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USA: Police brutality must not be tolerated


USA: Police brutality in Prince George's County must not be tolerated

* News Release Issued by the International Secretariat of Amnesty International *

29 August 2002 AMR 51/139/2002

Federal and local authorities must ensure that police actions in Prince George's County, Maryland, adhere to international standards on police use of force and on the prohibition of torture and ill-treatment, Amnesty International said today in a new report.

"While some reforms have been recently introduced to tackle police brutality and complaints have reportedly fallen in 2001, there remains a disturbing pattern of abuse, mainly against the county's African-American population," the organization added. Reports include shootings, deaths in custody from dangerous restraint holds or other use of force, and unresisting suspects being mauled by police dogs.

Cases of particular concern to the organization, highlighted in the report, include:

The death of Prince Jones, an unarmed college student, who was shot in September 2000 after an undercover officer tailed his car for several miles, mistaking him for a black suspect involved in an earlier incident.

The deaths of two prisoners, in March and June 2002, after they were restrained in a WRAP device (similar to a strait jacket and designed to prevent deaths from choking or asphyxia).

The shooting of five reportedly mentally ill or disturbed people in 2001, at least one of them fatally. Although the Prince George's County Police Department has since introduced a range of non-lethal weapons -- such as pepper spray and bean bag rounds -- for dealing with suspects who are mentally ill or high on drugs, such devices are often not effective in such cases. In October 2001, Caesar Nathaniel Allen, a paranoid schizophrenic, was shot dead with 10 bullets after reportedly being pelted with four cans of pepper spray and 15 pepper ball missiles.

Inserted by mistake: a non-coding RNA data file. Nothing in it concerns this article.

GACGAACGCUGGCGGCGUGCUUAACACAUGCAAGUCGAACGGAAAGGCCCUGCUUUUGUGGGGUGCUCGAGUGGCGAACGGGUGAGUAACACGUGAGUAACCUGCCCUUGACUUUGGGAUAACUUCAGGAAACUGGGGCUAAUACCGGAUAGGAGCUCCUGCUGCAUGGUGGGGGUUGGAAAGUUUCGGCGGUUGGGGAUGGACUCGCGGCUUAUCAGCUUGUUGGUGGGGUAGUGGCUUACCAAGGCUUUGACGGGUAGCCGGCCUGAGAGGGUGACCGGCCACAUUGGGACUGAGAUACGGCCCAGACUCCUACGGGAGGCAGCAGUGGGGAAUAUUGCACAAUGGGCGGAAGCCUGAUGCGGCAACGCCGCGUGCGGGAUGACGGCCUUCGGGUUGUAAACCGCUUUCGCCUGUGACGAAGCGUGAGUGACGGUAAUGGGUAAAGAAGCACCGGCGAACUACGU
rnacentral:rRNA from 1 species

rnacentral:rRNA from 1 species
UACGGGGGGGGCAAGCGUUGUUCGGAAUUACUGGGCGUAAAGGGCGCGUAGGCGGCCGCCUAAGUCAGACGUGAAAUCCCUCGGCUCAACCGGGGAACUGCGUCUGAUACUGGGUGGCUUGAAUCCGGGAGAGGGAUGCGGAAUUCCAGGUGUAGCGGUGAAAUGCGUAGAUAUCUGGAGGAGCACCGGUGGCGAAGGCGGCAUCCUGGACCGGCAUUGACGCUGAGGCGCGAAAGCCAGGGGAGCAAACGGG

Amnesty International is also concerned about a "code of silence" which results in police officers failing to report misconduct, or even covering up abuses. "This 'code of silence' is reported to have hampered many investigations into police use of force," the organization stressed.

An investigation by the US Department of Justice, initiated in November 2000, is currently underway to determine whether the Prince George's County Police Department engaged in a "pattern and practice" of brutality and racial discrimination. Amnesty International is urging the Justice Department to release its findings and recommendations as soon as possible. In the summer of 2001, the organization sponsored three sessions in which Justice Department investigators were invited to hear complaints about alleged police misconduct.

"Police, County and federal authorities must send out a clear message that police abuse will not be tolerated and bring to justice those officers responsible for misconduct," Amnesty International said.

Background

Although pepper spray has been promoted as a safer and more effective alternative to mace or impact weapons, research has found that it can be harmful to people with respiratory problems or heart disease, and that it may not be effective against subjects who are extremely agitated or under the influence of drugs, possibly leading to over-use of the spray to dangerous levels. Pepper spray was demonstrably ineffective in the case of Caesar Allen (above). Amnesty International has called for an independent, national inquiry into police use of pepper spray and, in the meantime, for police departments to either cease using pepper spray or to introduce strict guidelines and limitations on its use, with careful monitoring procedures. Amnesty International believes that police departments should introduce training programs designed to minimize the risk of unnecessary force and death or injury in such situations.

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